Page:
I got taken to an assignation with a person who would be revealed as one of my half-brothers after the party following my 25th Horace Mann reunion. He had grown up near the dandelion field I visited in 1958.


In 2005 my brother Jonathan stabbed himself to death with multiple strikes to his neck and abdomen with a knife. By then he had become a street person in Westport, Connecticut, kept under a roof by interest checks from his father’s estate. He was fifty-seven years old. When he was around age two (and I five), a cackling doll in a puppet show sent him into inconsolable crying that persisted intermittently for weeks. He didn’t remember the incident later, but he killed himself less than a mile from the puppet stage fifty-five years later.


Phil Wohlstetter found Io in the seventies and read the hardcover of New Moon; he contacted me in the late nineties. He thanked me for helping to restore his memories of P. S. 6 and Bill-Dave and then caught me up on his own life. After Riverdale, he went to Columbia, starred as Hamlet in a college production, played guitar on the streets of Paris after graduation, was incarcerated and almost executed while traveling in left-wing company during the Chilean junta’s overthrow of Salvador Allende. He ended up in Seattle as a literary critic, political theoretician, economic deconstructionist, and author of an unfinished novel called Valparaiso as well as many shorter essays and screeds; also the father of two adult daughters; and retired pick-up ballplayer with bum knees. We have been close friends since reconnecting. He both is and isn’t the person I knew at P. S. 6, but no, Mom, he didn’t turn into a juvenile delinquent. That energy went into his radical countercultural journey through the sixties and soft-landed him in a setting finally as gentile in its way—view over Puget Sound—as his childhood at 1175 Park Avenue.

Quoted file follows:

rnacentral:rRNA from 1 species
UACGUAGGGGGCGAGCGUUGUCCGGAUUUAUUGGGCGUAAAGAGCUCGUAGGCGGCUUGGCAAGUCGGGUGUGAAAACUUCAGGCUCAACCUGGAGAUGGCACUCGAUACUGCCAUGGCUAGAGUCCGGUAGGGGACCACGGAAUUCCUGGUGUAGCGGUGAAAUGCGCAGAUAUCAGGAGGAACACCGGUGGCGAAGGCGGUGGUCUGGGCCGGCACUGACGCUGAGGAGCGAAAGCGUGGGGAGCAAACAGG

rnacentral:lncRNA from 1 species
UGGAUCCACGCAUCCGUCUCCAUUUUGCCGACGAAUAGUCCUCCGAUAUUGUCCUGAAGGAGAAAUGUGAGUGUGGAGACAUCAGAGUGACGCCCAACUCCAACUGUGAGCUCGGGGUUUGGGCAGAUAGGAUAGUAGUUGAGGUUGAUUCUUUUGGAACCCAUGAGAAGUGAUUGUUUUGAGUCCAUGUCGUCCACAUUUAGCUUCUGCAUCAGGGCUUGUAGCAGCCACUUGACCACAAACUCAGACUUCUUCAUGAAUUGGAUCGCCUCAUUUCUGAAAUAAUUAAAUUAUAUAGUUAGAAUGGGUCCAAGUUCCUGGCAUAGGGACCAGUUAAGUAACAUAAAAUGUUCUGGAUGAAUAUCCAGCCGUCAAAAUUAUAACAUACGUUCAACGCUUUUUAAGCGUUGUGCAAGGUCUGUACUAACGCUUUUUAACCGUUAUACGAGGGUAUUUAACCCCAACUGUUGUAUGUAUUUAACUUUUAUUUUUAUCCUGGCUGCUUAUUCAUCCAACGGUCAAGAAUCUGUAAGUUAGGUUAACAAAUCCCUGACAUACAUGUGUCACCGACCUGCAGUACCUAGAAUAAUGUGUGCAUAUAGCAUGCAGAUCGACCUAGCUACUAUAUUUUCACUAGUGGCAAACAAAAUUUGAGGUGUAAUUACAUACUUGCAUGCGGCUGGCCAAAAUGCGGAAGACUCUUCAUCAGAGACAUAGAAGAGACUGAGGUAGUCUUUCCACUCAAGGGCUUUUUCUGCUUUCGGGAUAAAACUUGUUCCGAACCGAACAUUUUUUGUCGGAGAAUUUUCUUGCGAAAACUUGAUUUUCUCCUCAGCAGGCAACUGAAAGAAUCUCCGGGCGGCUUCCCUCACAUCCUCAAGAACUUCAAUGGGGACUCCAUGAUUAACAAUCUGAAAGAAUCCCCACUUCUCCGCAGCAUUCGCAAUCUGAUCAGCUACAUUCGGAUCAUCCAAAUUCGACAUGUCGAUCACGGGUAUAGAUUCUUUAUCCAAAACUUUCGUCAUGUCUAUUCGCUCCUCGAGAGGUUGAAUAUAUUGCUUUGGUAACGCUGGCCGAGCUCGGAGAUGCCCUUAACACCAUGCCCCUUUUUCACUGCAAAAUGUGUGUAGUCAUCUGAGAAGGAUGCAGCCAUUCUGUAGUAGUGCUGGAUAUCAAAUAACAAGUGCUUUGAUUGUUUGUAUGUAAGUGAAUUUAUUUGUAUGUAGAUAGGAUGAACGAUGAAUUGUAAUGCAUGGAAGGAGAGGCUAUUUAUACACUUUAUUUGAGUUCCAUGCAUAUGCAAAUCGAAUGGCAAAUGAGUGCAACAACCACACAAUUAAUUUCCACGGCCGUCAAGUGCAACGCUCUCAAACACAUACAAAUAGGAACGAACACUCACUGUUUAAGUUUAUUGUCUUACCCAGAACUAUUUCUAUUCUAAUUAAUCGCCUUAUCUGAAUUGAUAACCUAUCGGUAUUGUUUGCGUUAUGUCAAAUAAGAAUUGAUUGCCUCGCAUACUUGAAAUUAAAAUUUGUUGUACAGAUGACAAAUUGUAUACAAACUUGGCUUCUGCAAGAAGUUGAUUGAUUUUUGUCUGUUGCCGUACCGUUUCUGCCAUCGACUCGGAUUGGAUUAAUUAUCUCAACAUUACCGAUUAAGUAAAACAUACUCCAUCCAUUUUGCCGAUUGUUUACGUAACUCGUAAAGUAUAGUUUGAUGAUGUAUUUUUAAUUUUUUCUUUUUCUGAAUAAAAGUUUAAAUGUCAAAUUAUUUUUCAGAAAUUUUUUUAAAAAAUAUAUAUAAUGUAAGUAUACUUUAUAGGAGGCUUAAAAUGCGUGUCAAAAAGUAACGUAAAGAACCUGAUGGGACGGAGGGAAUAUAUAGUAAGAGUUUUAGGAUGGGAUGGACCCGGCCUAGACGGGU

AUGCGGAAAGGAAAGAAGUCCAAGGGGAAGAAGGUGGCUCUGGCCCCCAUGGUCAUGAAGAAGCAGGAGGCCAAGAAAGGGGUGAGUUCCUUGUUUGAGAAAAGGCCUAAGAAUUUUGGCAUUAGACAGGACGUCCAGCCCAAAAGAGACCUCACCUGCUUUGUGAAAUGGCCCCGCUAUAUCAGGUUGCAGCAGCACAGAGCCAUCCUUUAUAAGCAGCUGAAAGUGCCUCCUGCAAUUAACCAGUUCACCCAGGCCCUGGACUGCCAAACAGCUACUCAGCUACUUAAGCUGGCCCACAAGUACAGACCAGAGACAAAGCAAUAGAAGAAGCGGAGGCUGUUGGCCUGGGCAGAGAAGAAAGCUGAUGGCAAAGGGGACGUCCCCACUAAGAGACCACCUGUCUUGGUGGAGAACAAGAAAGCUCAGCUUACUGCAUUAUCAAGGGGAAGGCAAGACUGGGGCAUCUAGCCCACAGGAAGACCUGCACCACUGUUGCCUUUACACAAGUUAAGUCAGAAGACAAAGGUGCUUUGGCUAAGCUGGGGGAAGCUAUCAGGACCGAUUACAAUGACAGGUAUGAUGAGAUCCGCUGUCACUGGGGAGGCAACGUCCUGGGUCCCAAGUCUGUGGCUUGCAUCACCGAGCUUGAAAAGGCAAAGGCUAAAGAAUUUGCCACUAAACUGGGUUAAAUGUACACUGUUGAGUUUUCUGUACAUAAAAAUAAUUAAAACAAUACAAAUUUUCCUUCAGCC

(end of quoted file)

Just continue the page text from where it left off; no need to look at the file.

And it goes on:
Mitchell Miller of Aspen Writers’ Workshop and Antioch College remained a friend of Lindy’s and mine for another few years. The three of us got together in New York City in the winter of 1965 (just past the time-line of this book) and were involved in a multi-car fender-bender on the West Side Highway when a car a few vehicles in front of us stopped inexplicably on cobblestones in the rain. About a dozen vehicles were involved and ours hit a white Cadillac driven by Lucy of the Arista teen tour. Unsurprised by the synchronicity, she immediately began pleading with me to do something because her father didn’t know she was driving his car. She was still “lost in translation.”

In the summer of 1967 Lindy and I drove to Colorado with Mitchell and his then girlfriend, Joanna Uribe—they to hang out in Boulder, us to go to the Hopi Reservation for an anthropology fieldwork project. We visited him the next year in Yellow Springs, Ohio—I have a 8 mm. movie of Mitchell and Lindy walking on one bar each of the railroad tracks outside town, holding hands except when they were slipping and falling off. Mitchell and Joanna split up soon afterward, even though they joined the same Weather-Underground cell run by her new boyfriend. That’s all I know.

My Kenmont girlfriend Jill read a piece by me more than forty years after I last saw her. By then she was a retired high-school teacher living with her husband outside Santa Cruz, California. Lindy and I visited them, and we remain friends. She is just as avid a baseball fan. Her husband and daughters think that my portrait of her, though written before any of them met her, is dead-on.